Henderson, Jordan-Swilling a promising pair for Georgia Tech

A Georgia Tech linebacker, Bruce Jordan-Swilling was born Sept. 22, 1997. He graduated from Brother Martin High School in New Orleans. Jordan-Swilling's dad is Pat Swilling, a former Georgia Tech linebacker and a member of the College Football Hall of Fame. Jordan-Swilling will be a sophomore in the 2018 season and is leading the competition to start at one of the two inside linebacker positions. Jordan-Swilling's brother, Tre, is a redshirt freshman defensive back for the Yellow Jackets. Jordan-Swilling

Jaquan Henderson and Bruce Jordan-Swilling were gifted and mentally agile enough to get on the field last season as freshmen. Now the two Georgia Tech linebackers are sophomores, both in the mix to be in the starting 11 for defensive coordinator Nate Woody.

They not only represent part of the present of the Yellow Jackets defense, but its future. Both athletic, hard-hitting and centrally located in Woody’s defense, they figure to be a big part of how Tech performs on defense over the next three seasons. Tech is in the third of four weeks of its spring practice.

“When me and coach Woody first met, he basically told me he’s going to see how I move, come off the edge,” Henderson said. “When he said, ‘Come off the edge’ – that’s what I like to do. That’s the main thing.”

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Henderson is listed at 6-foot-1 and 203 pounds, not particularly stout for a linebacker. Last season’s three linebackers on the All-ACC first team averaged 6-3 and 243 pounds. But coach Paul Johnson said last season he might be the fastest player on the team, a trait that makes him a fit for Woody’s defense, which prizes speed and quickness over size. And, at outside linebacker, Woody has him at a spot where he’ll blitz often and try to use his speed.

He and Victor Alexander, a senior, have been flip-flopping between the two outside linebacker spots.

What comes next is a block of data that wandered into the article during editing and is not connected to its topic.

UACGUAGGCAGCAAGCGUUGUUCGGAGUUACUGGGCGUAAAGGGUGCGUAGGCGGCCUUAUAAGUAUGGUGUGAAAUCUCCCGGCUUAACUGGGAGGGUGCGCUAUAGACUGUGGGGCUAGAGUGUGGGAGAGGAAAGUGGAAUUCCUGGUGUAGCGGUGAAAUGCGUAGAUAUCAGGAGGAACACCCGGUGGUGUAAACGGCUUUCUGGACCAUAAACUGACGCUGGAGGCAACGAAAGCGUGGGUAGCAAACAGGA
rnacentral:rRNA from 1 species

Georgia Tech linebacker JaQuan Henderson addresses media April 11, 2018. (Ken Sugiura/AJC)

“The new defensive scheme is great for all of us guys,” said Henderson, who mostly played special teams last season. “Some of the guys were not as big, but the scheme is perfect for them because we’ve got some quick guys up front. And the guys in back aren’t thinking too much. Just out there making plays.”

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Henderson is particularly keen on the perceived simplicity of Woody’s defense compared with that of former coordinator Ted Roof. For example, the defense has been using two play-calls, which makes it easier to absorb responsibilities and to play without thinking.

Henderson couldn’t recall how many play-calls the Jackets used in a typical game last season, “but it was a lot,” Henderson said. “It was a lot. A lot of guys weren’t playing fast, so like I said, this new style is perfect for all of us.”

“He’s doing some good things,” Johnson said of Henderson. “He’s working, playing outside linebacker.”

Jordan-Swilling lines up at inside linebacker, and could pair with Brant Mitchell, a senior.

“I like it,” Jordan-Swilling said of the new defense. “I’m running around, making plays, just helping my team out. That’s what I’m here for.”

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Jordan-Swilling produced one of the more memorable individual performances last season for the Jackets defense, returning an interception for a touchdown and forcing and recovering a fumble in a loss to Virginia. He finished with 34 tackles, third among linebackers, despite not having played linebacker in high school.

For a defense that was ineffective at creating tackles for loss and turnovers, Jordan-Swilling offers hope for what could lie ahead, particularly in a scheme that has been credited with yielding tackles for loss and takeaways for Woody’s defenses at Appalachian State and Wofford.

“I think he’s had a decent spring,” Johnson said of Jordan-Swilling. “He’s been productive in the scrimmages when he’s played. Hopefully he’ll continue to grow.”

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